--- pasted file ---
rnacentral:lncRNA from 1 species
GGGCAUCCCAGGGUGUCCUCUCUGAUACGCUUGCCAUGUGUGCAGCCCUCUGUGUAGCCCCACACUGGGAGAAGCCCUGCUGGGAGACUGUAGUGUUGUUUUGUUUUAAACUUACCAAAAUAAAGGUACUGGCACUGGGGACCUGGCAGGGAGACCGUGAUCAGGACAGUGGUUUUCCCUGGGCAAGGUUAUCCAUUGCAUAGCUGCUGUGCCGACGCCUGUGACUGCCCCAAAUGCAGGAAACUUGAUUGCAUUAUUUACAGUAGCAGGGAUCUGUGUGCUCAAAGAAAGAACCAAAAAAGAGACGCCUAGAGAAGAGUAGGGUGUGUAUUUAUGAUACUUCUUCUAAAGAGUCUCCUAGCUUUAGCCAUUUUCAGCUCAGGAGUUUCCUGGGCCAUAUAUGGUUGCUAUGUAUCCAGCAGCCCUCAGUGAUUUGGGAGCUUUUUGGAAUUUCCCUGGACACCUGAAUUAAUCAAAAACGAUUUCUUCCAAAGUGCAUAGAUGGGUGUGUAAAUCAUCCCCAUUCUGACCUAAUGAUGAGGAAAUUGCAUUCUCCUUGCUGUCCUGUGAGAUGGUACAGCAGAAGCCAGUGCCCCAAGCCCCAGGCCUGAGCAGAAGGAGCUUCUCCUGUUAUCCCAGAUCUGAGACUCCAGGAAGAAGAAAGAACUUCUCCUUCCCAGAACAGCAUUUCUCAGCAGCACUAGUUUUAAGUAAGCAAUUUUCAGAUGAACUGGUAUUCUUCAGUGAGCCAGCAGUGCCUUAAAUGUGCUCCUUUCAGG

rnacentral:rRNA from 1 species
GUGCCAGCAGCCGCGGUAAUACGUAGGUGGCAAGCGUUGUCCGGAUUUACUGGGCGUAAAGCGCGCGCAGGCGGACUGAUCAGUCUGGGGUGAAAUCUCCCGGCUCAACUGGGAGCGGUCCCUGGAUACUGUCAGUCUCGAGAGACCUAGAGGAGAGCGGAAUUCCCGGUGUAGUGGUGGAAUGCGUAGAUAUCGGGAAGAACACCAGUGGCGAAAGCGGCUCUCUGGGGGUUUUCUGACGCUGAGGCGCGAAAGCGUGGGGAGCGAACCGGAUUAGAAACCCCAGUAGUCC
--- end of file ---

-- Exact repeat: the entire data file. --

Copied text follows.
rnacentral:lncRNA from 1 species
GGGCAUCCCAGGGUGUCCUCUCUGAUACGCUUGCCAUGUGUGCAGCCCUCUGUGUAGCCCCACACUGGGAGAAGCCCUGCUGGGAGACUGUAGUGUUGUUUUGUUUUAAACUUACCAAAAUAAAGGUACUGGCACUGGGGACCUGGCAGGGAGACCGUGAUCAGGACAGUGGUUUUCCCUGGGCAAGGUUAUCCAUUGCAUAGCUGCUGUGCCGACGCCUGUGACUGCCCCAAAUGCAGGAAACUUGAUUGCAUUAUUUACAGUAGCAGGGAUCUGUGUGCUCAAAGAAAGAACCAAAAAAGAGACGCCUAGAGAAGAGUAGGGUGUGUAUUUAUGAUACUUCUUCUAAAGAGUCUCCUAGCUUUAGCCAUUUUCAGCUCAGGAGUUUCCUGGGCCAUAUAUGGUUGCUAUGUAUCCAGCAGCCCUCAGUGAUUUGGGAGCUUUUUGGAAUUUCCCUGGACACCUGAAUUAAUCAAAAACGAUUUCUUCCAAAGUGCAUAGAUGGGUGUGUAAAUCAUCCCCAUUCUGACCUAAUGAUGAGGAAAUUGCAUUCUCCUUGCUGUCCUGUGAGAUGGUACAGCAGAAGCCAGUGCCCCAAGCCCCAGGCCUGAGCAGAAGGAGCUUCUCCUGUUAUCCCAGAUCUGAGACUCCAGGAAGAAGAAAGAACUUCUCCUUCCCAGAACAGCAUUUCUCAGCAGCACUAGUUUUAAGUAAGCAAUUUUCAGAUGAACUGGUAUUCUUCAGUGAGCCAGCAGUGCCUUAAAUGUGCUCCUUUCAGG

rnacentral:rRNA from 1 species
GUGCCAGCAGCCGCGGUAAUACGUAGGUGGCAAGCGUUGUCCGGAUUUACUGGGCGUAAAGCGCGCGCAGGCGGACUGAUCAGUCUGGGGUGAAAUCUCCCGGCUCAACUGGGAGCGGUCCCUGGAUACUGUCAGUCUCGAGAGACCUAGAGGAGAGCGGAAUUCCCGGUGUAGUGGUGGAAUGCGUAGAUAUCGGGAAGAACACCAGUGGCGAAAGCGGCUCUCUGGGGGUUUUCUGACGCUGAGGCGCGAAAGCGUGGGGAGCGAACCGGAUUAGAAACCCCAGUAGUCC